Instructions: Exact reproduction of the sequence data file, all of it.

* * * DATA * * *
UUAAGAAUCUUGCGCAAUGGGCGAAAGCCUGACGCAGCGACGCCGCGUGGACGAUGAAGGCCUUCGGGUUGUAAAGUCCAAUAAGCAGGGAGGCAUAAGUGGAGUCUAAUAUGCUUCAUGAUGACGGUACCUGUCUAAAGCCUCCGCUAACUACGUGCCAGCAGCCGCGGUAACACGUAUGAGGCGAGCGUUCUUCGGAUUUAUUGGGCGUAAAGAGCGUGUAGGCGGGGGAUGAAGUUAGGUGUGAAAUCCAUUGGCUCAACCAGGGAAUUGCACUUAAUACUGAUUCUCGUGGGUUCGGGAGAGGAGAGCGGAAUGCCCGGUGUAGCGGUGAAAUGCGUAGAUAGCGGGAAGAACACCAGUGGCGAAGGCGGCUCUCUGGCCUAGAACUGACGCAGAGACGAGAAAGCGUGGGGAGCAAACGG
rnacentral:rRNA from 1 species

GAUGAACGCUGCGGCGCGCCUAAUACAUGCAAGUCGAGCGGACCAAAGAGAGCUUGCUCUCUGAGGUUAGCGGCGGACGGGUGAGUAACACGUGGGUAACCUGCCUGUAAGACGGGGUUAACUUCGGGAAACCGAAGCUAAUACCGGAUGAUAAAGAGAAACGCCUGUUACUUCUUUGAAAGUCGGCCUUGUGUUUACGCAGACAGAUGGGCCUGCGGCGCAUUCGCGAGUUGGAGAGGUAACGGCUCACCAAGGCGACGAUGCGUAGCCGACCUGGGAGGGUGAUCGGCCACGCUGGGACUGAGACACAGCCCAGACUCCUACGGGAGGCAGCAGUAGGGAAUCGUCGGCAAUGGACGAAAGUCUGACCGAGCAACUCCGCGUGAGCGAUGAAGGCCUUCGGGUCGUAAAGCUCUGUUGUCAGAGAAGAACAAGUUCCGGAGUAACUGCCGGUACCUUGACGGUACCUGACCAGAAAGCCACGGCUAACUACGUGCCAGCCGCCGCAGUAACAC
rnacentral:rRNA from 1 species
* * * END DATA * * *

UUAAGAAUCUUGCGCAAUGGGCGAAAGCCUGACGCAGCGACGCCGCGUGGACGAUGAAGGCCUUCGGGUUGUAAAGUCCAAUAAGCAGGGAGGCAUAAGUGGAGUCUAAUAUGCUUCAUGAUGACGGUACCUGUCUAAAGCCUCCGCUAACUACGUGCCAGCAGCCGCGGUAACACGUAUGAGGCGAGCGUUCUUCGGAUUUAUUGGGCGUAAAGAGCGUGUAGGCGGGGGAUGAAGUUAGGUGUGAAAUCCAUUGGCUCAACCAGGGAAUUGCACUUAAUACUGAUUCUCGUGGGUUCGGGAGAGGAGAGCGGAAUGCCCGGUGUAGCGGUGAAAUGCGUAGAUAGCGGGAAGAACACCAGUGGCGAAGGCGGCUCUCUGGCCUAGAACUGACGCAGAGACGAGAAAGCGUGGGGAGCAAACGG
rnacentral:rRNA from 1 species

GAUGAACGCUGCGGCGCGCCUAAUACAUGCAAGUCGAGCGGACCAAAGAGAGCUUGCUCUCUGAGGUUAGCGGCGGACGGGUGAGUAACACGUGGGUAACCUGCCUGUAAGACGGGGUUAACUUCGGGAAACCGAAGCUAAUACCGGAUGAUAAAGAGAAACGCCUGUUACUUCUUUGAAAGUCGGCCUUGUGUUUACGCAGACAGAUGGGCCUGCGGCGCAUUCGCGAGUUGGAGAGGUAACGGCUCACCAAGGCGACGAUGCGUAGCCGACCUGGGAGGGUGAUCGGCCACGCUGGGACUGAGACACAGCCCAGACUCCUACGGGAGGCAGCAGUAGGGAAUCGUCGGCAAUGGACGAAAGUCUGACCGAGCAACUCCGCGUGAGCGAUGAAGGCCUUCGGGUCGUAAAGCUCUGUUGUCAGAGAAGAACAAGUUCCGGAGUAACUGCCGGUACCUUGACGGUACCUGACCAGAAAGCCACGGCUAACUACGUGCCAGCCGCCGCAGUAACAC
rnacentral:rRNA from 1 species